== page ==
Single on W&G, B-side of Oh Donna, by Melbourne rock’n’roll singer and guitarist who released a handful of singles on W&G 1965-66 and appeared on the major TV pop shows, notably The GO!! Show. Farmer John was also on the W&G album Go Go Go.
Backing was by Melbourne band The Strangers. The deep voice saying, “Now looky here!” belongs to John Farrar of The Strangers.
Johnny Cooper started out in the early 60s with Melbourne bands The Mustangs and The Monarchs, and before going solo he was with The Saxons for a time as vocalist. He was a hard-working performer on gigs around Melbourne and beyond, and was still gigging well into the 2000s.
Johnny’s official site seems to be permanently offline, but you can still access an archived version at Internet Archive. It’s worth reading, not only for an honest account of Johnny’s career from his perspective but also for a glimpse of the music scene in 1960s Melbourne.
Thank you to Deidre for suggestion and leads.
Photo: Thanks to Johnny Cooper.
Single on independent label Faro March 1964, released for national distribution on Warner Bros in May 1964. The band’s name is spelt Premieres on the drumkit seen in the Bandstand clip (right) but the singles have Premiers without the third ‘e’.
This is a version of a garage favourite by The Premiers from San Gabriel CA, formed around brothers Lawrence and John Perez. The single was recorded in a studio but featured party-time background noises by the girls from the Chevelles Car Club.
Single by the writers on Specialty. Don & Dewey were violinist and guitarist Don ‘Sugarcane’ Harris (1938-1999) with Dewey Terry (1938-2006).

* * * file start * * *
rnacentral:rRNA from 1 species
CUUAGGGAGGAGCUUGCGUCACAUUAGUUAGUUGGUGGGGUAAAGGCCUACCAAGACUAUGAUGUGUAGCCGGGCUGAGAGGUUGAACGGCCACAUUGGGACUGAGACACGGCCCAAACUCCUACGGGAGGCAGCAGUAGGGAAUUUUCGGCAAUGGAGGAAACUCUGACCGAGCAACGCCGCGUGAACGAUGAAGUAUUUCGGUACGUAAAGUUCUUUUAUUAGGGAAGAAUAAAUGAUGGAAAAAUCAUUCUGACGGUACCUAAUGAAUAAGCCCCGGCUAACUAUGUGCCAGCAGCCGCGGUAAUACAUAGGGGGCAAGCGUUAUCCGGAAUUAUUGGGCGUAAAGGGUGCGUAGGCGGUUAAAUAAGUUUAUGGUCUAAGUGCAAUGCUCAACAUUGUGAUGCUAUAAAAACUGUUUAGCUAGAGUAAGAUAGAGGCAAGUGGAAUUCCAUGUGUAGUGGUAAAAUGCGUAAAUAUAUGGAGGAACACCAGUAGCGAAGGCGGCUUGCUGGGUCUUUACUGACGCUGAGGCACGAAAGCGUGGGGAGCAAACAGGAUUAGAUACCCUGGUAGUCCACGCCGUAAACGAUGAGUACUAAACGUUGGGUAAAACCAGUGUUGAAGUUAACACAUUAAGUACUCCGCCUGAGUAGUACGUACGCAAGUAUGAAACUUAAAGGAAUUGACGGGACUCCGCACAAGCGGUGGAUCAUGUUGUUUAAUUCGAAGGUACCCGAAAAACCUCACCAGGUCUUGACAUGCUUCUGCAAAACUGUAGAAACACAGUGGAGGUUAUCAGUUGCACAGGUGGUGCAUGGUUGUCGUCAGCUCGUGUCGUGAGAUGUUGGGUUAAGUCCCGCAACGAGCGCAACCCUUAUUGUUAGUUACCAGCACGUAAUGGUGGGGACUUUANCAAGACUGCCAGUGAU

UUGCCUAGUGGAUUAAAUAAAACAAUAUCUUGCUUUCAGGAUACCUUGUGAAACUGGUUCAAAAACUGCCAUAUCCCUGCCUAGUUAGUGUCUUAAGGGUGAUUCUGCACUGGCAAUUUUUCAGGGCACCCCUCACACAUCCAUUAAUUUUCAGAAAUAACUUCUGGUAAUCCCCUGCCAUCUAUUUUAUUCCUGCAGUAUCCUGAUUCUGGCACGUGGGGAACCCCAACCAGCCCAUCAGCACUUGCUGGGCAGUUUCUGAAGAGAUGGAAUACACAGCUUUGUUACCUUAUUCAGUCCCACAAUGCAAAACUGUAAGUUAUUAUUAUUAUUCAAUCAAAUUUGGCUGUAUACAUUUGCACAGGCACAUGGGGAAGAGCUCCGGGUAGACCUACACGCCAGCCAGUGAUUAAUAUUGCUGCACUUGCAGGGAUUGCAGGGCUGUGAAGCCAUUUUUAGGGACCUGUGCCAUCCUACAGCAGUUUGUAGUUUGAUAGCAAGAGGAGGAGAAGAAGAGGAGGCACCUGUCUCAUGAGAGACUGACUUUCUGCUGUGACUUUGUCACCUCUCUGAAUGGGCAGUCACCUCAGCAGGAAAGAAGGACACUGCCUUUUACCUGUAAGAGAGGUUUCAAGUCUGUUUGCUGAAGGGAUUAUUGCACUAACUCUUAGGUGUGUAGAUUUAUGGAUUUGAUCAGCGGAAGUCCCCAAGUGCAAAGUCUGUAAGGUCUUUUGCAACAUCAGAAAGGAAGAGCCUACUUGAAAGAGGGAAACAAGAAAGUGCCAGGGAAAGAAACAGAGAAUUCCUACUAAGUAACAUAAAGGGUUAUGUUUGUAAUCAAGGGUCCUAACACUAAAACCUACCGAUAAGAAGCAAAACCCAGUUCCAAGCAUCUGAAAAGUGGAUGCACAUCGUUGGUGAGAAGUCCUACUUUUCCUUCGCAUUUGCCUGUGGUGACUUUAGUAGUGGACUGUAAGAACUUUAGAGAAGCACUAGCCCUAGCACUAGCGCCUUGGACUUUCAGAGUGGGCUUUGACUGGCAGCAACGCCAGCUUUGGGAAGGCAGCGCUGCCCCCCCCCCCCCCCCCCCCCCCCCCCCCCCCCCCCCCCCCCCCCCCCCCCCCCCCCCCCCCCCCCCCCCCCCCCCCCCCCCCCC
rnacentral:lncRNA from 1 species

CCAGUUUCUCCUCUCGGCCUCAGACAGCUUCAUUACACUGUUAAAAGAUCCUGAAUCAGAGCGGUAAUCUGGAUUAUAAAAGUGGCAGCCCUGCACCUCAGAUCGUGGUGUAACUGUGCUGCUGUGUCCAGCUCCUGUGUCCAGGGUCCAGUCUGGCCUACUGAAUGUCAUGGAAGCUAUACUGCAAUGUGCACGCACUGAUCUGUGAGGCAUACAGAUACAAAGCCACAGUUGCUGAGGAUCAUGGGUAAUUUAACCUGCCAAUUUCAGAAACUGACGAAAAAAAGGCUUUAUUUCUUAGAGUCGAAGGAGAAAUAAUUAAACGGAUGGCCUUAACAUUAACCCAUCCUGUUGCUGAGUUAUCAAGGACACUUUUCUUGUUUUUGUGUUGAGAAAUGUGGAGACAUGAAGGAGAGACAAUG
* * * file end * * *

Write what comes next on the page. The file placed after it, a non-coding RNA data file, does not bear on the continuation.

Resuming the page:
Don & Dewey first recorded Farmer John in 1957 in a slow version with a conventional, guitar-strumming arrangement, almost unrecognisable as the song we know. It remained unreleased until 1991, on the Jungle Hop CD, which includes both versions.
Don & Dewey wrote and recorded the original version of I’m Leaving It Up To You (1957), later a hit for Dale & Grace (1963, #1 USA); and the original of Justine (1958), better known through the Righteous Brothers’ version (1965, #85 USA).
In the 70s ‘Sugarcane’ Harris played violin with John Mayall and with The Mothers of Invention.
Arnold Rypens at The Originals lists versions by Michigan band The Tidal Waves (1966) and Neil Young (1990), among others. The Magnificent Seven topped the chart with Farmer John at WTBC in Tuscaloosa AL, 18 August 1966 [ARSA]. No doubt there are other local examples.
Thanks to Walter.
Released as a single on Astor in Australia, this was a well-known track from the Merseybeat repertoire and probably had a greater impact here than The Premiers’ version.
Thanks to Terry Stacey.
Pop/r&b band Steve & The Board, formed in 1965, were led by Cincinnati-born Steve Kipner. They were produced by Steve’s father Nat who was A&R man and a major producer at Spin Records where he was responsible for the Bee Gees’ later Australian singles.
For more on Steve Kipner, see Steve & The Board – Rosalyn.